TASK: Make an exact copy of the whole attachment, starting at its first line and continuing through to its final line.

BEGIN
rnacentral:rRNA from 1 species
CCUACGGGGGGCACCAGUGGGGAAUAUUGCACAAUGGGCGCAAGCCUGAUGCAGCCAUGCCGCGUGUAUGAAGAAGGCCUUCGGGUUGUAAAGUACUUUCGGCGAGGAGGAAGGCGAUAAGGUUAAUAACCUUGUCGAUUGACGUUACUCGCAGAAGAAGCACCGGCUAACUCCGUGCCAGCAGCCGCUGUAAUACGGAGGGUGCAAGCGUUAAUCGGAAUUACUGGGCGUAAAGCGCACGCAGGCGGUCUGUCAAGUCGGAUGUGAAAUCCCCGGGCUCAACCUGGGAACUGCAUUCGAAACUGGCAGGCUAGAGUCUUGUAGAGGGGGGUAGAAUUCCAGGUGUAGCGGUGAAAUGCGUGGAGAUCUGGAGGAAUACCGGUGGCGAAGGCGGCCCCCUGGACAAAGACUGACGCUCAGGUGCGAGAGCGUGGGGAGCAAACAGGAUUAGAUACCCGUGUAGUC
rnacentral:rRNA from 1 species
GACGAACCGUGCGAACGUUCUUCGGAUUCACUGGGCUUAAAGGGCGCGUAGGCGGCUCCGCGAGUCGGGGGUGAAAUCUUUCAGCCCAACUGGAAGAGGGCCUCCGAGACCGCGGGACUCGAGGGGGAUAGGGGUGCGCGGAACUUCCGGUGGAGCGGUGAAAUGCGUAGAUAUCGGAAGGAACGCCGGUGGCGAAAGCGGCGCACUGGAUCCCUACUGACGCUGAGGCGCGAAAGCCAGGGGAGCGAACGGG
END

rnacentral:rRNA from 1 species
CCUACGGGGGGCACCAGUGGGGAAUAUUGCACAAUGGGCGCAAGCCUGAUGCAGCCAUGCCGCGUGUAUGAAGAAGGCCUUCGGGUUGUAAAGUACUUUCGGCGAGGAGGAAGGCGAUAAGGUUAAUAACCUUGUCGAUUGACGUUACUCGCAGAAGAAGCACCGGCUAACUCCGUGCCAGCAGCCGCUGUAAUACGGAGGGUGCAAGCGUUAAUCGGAAUUACUGGGCGUAAAGCGCACGCAGGCGGUCUGUCAAGUCGGAUGUGAAAUCCCCGGGCUCAACCUGGGAACUGCAUUCGAAACUGGCAGGCUAGAGUCUUGUAGAGGGGGGUAGAAUUCCAGGUGUAGCGGUGAAAUGCGUGGAGAUCUGGAGGAAUACCGGUGGCGAAGGCGGCCCCCUGGACAAAGACUGACGCUCAGGUGCGAGAGCGUGGGGAGCAAACAGGAUUAGAUACCCGUGUAGUC
rnacentral:rRNA from 1 species
GACGAACCGUGCGAACGUUCUUCGGAUUCACUGGGCUUAAAGGGCGCGUAGGCGGCUCCGCGAGUCGGGGGUGAAAUCUUUCAGCCCAACUGGAAGAGGGCCUCCGAGACCGCGGGACUCGAGGGGGAUAGGGGUGCGCGGAACUUCCGGUGGAGCGGUGAAAUGCGUAGAUAUCGGAAGGAACGCCGGUGGCGAAAGCGGCGCACUGGAUCCCUACUGACGCUGAGGCGCGAAAGCCAGGGGAGCGAACGGG